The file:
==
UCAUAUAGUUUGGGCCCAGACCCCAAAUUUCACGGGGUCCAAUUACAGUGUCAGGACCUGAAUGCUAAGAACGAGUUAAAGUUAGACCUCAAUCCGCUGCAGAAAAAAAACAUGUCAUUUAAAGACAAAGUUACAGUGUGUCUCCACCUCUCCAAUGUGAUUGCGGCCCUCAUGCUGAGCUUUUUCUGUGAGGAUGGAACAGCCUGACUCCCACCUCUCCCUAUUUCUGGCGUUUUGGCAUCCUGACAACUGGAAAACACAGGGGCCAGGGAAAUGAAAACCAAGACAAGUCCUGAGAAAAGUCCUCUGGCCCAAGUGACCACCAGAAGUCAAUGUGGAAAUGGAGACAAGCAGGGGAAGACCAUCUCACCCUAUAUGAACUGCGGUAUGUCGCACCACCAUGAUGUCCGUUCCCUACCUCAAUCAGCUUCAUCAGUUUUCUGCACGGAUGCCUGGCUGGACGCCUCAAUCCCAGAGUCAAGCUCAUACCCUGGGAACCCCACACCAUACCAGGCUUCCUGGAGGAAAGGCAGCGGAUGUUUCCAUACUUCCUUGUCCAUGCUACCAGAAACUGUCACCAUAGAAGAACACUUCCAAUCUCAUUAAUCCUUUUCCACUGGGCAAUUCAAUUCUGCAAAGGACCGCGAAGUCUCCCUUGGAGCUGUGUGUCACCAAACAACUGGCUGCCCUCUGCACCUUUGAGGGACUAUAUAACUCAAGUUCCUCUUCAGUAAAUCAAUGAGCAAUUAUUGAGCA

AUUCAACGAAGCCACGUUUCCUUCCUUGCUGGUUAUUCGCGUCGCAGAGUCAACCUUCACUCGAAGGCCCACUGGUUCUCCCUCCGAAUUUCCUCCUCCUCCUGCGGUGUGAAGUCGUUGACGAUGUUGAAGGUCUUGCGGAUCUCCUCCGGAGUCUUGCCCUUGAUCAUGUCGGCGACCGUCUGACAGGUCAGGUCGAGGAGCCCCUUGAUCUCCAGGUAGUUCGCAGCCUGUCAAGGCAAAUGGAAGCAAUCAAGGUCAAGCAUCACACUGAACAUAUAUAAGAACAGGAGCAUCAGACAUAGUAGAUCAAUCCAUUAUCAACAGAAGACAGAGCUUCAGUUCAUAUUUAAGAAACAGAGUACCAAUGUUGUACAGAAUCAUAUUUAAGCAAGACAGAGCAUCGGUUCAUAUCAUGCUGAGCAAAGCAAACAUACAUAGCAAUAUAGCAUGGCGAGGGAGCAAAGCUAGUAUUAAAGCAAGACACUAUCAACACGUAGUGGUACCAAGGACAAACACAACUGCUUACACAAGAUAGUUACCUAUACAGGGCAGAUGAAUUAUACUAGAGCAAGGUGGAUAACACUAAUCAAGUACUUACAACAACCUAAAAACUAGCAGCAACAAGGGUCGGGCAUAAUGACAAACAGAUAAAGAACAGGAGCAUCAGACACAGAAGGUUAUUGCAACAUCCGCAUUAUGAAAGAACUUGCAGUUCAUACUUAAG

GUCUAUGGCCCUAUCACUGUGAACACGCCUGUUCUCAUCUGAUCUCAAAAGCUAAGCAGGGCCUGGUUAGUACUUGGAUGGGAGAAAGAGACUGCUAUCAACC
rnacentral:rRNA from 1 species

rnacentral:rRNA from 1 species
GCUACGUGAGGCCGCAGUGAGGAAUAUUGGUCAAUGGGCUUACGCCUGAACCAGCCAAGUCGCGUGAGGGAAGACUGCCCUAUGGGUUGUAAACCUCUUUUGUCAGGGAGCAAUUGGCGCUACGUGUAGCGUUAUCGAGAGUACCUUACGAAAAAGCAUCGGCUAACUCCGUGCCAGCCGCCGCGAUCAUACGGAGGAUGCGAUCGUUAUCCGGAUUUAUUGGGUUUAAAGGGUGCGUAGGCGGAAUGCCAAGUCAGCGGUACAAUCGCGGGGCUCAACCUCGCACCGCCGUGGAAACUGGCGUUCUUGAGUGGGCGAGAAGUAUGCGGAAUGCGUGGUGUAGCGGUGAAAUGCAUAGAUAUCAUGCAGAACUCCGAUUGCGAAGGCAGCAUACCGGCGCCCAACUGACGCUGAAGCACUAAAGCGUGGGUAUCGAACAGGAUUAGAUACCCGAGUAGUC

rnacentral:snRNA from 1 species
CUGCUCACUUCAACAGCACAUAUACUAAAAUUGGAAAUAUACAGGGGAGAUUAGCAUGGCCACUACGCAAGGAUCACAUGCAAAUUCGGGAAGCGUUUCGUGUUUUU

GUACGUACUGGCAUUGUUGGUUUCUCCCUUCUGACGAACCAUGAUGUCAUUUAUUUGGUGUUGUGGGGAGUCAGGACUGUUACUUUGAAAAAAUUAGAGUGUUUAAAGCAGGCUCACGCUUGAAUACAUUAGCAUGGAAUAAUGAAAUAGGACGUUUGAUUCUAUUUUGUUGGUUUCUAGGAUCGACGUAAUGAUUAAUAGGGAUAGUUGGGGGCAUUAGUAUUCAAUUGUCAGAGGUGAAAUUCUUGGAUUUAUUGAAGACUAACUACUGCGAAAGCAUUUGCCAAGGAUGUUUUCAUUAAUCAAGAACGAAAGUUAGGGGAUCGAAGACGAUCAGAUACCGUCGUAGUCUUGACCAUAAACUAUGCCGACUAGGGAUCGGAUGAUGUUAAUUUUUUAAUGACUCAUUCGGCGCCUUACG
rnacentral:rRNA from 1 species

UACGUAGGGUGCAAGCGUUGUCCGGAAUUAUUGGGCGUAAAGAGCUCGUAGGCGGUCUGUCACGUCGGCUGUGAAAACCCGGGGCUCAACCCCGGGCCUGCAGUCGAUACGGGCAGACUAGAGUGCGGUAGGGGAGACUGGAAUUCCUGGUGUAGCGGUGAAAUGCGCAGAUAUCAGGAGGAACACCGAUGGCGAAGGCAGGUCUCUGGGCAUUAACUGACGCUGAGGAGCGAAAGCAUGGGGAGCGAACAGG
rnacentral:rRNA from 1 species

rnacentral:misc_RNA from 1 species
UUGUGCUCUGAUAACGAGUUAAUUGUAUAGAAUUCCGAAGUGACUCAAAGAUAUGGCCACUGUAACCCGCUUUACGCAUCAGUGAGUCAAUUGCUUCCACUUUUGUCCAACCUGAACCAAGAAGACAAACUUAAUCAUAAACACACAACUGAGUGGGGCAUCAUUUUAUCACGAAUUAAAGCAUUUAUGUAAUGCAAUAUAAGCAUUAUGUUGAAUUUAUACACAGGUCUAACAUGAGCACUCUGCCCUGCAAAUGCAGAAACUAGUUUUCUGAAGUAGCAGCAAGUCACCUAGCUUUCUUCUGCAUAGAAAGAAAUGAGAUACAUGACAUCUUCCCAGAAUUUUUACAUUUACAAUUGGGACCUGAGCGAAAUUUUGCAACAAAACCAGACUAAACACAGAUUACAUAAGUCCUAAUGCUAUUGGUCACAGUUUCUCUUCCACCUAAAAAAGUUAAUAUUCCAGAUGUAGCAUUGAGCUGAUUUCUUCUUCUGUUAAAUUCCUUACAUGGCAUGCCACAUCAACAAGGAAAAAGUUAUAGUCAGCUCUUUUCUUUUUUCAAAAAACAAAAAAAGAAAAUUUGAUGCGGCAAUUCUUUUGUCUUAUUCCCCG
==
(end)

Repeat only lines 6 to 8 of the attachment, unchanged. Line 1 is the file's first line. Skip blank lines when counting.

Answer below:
GCUACGUGAGGCCGCAGUGAGGAAUAUUGGUCAAUGGGCUUACGCCUGAACCAGCCAAGUCGCGUGAGGGAAGACUGCCCUAUGGGUUGUAAACCUCUUUUGUCAGGGAGCAAUUGGCGCUACGUGUAGCGUUAUCGAGAGUACCUUACGAAAAAGCAUCGGCUAACUCCGUGCCAGCCGCCGCGAUCAUACGGAGGAUGCGAUCGUUAUCCGGAUUUAUUGGGUUUAAAGGGUGCGUAGGCGGAAUGCCAAGUCAGCGGUACAAUCGCGGGGCUCAACCUCGCACCGCCGUGGAAACUGGCGUUCUUGAGUGGGCGAGAAGUAUGCGGAAUGCGUGGUGUAGCGGUGAAAUGCAUAGAUAUCAUGCAGAACUCCGAUUGCGAAGGCAGCAUACCGGCGCCCAACUGACGCUGAAGCACUAAAGCGUGGGUAUCGAACAGGAUUAGAUACCCGAGUAGUC

rnacentral:snRNA from 1 species
CUGCUCACUUCAACAGCACAUAUACUAAAAUUGGAAAUAUACAGGGGAGAUUAGCAUGGCCACUACGCAAGGAUCACAUGCAAAUUCGGGAAGCGUUUCGUGUUUUU